- Absolutely. This is a serious vandal, trolling you successfully. That is what that sort of emotionally disturbed person feeds on. Is much better if you do not feed them; take whatever they did out, good or bad, leave the entry as is for a while. Later, meaning months later, go back and see if the entry can use some improvement. Plenty of other stuff to do. Robert Ullmann 19:51, 20 April 2008 (UTC)
- Well, he may be a vandal (which isn't really relevant), but *I'M* certainly not. And the most recent edit you did was to revert *MY* contribution. There are plenty of people on this page vouching for the validy of the contribution. I lack the power to fix the entry because you blocked non-sysops from doing so. That means the only option will be to put the edit up for a public vote. Language Lover 21:25, 20 April 2008 (UTC)
- I would also say that particular sense is valid, at least in the US. That sense is not covered by the other definitions. --EncycloPetey 16:07, 20 April 2008 (UTC)
- Seems OK prima facie. Let's see if it can be cited. DCDuring TALK 19:31, 20 April 2008 (UTC)
I have reinstated the sense in question with its rfv tag intact. However, bear in mind that this is an rfv, and so it will need its three cites if it is to survive. -Atelaes λάλει ἐμοί 22:00, 20 April 2008 (UTC)
Hard to find cites for a specific sense like this because many of the uses are such that it's tough to tell at a mere glance which sense applies.
- Jim Aylesworth, Jennifer K. Rotole. "Jim Aylesworth and You". 2005. p80
- "This book is all about this smart aleck fox that goes all around pulling tricks on nice ladies. I am sorry to say, but every time he pulls a trick, Mr. Fox thinks it's funny."
- Virginia Mae Axline. "Play Therapy". 1989. p278
- "Emma: I sure do. (She grinned impishly.) I'm a smart aleck, too. And a sassy, smarty-pants.
- Therapist: Oh! You think you're a smart aleck, and you think you're sassy too.
- Emma: I'm the meanest brat here at this dump."
- Paul Wellstone. "How the Rural Poor Got Power: Narrative of a Grass-Roots Organizer". 2003. p19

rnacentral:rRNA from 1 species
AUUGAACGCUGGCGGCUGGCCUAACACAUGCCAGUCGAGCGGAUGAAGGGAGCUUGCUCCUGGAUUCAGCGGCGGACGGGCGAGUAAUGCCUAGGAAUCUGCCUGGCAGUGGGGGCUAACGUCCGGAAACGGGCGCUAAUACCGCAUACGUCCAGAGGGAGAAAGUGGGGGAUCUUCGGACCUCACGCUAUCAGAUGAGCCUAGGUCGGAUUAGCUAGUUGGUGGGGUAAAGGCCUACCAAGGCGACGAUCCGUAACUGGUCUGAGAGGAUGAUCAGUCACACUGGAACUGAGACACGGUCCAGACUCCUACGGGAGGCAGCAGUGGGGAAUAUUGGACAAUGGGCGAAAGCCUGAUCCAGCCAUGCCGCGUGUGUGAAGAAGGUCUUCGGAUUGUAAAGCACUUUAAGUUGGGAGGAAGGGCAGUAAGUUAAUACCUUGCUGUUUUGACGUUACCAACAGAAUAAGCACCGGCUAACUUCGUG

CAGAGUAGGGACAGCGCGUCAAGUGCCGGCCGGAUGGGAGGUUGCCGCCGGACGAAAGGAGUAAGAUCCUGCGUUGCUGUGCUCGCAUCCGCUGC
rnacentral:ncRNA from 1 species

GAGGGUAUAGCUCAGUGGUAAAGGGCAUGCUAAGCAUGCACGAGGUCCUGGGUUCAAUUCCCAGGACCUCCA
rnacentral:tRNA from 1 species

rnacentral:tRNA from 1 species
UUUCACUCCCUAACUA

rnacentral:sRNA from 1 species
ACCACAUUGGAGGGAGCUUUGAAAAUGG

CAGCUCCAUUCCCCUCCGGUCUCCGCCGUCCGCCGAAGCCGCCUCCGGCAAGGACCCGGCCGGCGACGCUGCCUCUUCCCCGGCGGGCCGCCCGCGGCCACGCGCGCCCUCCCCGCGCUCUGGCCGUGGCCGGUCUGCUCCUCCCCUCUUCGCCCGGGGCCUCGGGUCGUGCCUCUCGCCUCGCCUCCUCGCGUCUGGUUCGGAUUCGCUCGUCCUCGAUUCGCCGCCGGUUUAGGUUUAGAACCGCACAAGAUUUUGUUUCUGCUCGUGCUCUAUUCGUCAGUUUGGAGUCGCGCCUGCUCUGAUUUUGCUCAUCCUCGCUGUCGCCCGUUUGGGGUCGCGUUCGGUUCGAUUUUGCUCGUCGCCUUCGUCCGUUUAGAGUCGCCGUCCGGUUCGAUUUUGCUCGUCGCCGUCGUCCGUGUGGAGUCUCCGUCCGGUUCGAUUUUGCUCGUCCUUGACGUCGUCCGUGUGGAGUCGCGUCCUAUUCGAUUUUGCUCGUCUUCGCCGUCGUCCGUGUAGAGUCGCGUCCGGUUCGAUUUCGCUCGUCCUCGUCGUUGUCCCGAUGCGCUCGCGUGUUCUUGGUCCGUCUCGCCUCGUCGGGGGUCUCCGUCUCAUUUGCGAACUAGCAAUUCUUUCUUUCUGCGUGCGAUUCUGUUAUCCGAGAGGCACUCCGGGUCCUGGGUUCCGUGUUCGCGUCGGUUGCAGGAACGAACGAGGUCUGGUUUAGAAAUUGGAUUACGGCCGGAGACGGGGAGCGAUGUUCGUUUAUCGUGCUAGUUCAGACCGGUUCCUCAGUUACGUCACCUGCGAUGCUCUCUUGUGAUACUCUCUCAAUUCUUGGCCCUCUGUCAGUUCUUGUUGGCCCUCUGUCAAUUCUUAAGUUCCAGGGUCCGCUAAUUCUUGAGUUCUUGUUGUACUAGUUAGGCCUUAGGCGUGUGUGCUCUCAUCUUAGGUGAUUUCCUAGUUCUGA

- "Being a smart aleck, I stayed two years in seventh grade."
- Shelby Anne Wolf. "Interpreting Literature with Children". 2003. p64
- "Bart subsequently decided that a smart aleck would have his own distinct mode of discourse. In the next rehearsal, he added a flippant tone to his character's voice and ended some lines with "baby" or "honey", explaining that since the fox was "sly" he ought to talk this way. His group agreed. His first attempt in practice sent them into high giggles. and they encouraged him to keep his sarcastic tone."
- Upton Sinclair. "Wide is the Gate II". 2001. p704
- "A century or two ago some wit in Europe had paraphrased the verse, apropos of the success of the Empress Maria Theresa in enlarging her dominion by marrying off her sons and daughters. "Let others make war, you, happy Austria, marry." Lanny, the smart Aleck, only sixteen at the time, had thought it fun to write: "Let others make war, you, happy Budds, make money." His father hadn't appreciated the jest"
- Giovanni R. F. Ferrari. "The Cambridge Companion to Plato's Republic". 2007. p100
- "To distinguish him from the "wise guy" Thrasymachus, I shall call him a "smart aleck.""
Language Lover 00:12, 21 April 2008 (UTC)
Two of these seem to favor humor as an essential element of the definition, IMO: Wolf and Sinclair. I don't think that the "smart aleck's" laughing at his own jokes (Aylesworth) is illustrative. The others don't provide obvious evidence of the humor/sarcasm element. The attestation cites don't seem to be giving us good illustrations of usage. DCDuring TALK 03:04, 21 April 2008 (UTC)